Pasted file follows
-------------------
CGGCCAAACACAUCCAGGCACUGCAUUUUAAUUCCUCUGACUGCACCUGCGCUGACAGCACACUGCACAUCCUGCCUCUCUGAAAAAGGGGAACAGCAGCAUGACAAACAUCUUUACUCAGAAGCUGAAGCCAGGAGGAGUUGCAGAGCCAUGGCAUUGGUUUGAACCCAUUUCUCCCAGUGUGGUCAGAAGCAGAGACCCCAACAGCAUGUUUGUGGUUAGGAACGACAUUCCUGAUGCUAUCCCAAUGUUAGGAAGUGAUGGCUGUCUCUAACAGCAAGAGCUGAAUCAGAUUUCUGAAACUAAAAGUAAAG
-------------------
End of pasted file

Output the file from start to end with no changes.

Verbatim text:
CGGCCAAACACAUCCAGGCACUGCAUUUUAAUUCCUCUGACUGCACCUGCGCUGACAGCACACUGCACAUCCUGCCUCUCUGAAAAAGGGGAACAGCAGCAUGACAAACAUCUUUACUCAGAAGCUGAAGCCAGGAGGAGUUGCAGAGCCAUGGCAUUGGUUUGAACCCAUUUCUCCCAGUGUGGUCAGAAGCAGAGACCCCAACAGCAUGUUUGUGGUUAGGAACGACAUUCCUGAUGCUAUCCCAAUGUUAGGAAGUGAUGGCUGUCUCUAACAGCAAGAGCUGAAUCAGAUUUCUGAAACUAAAAGUAAAG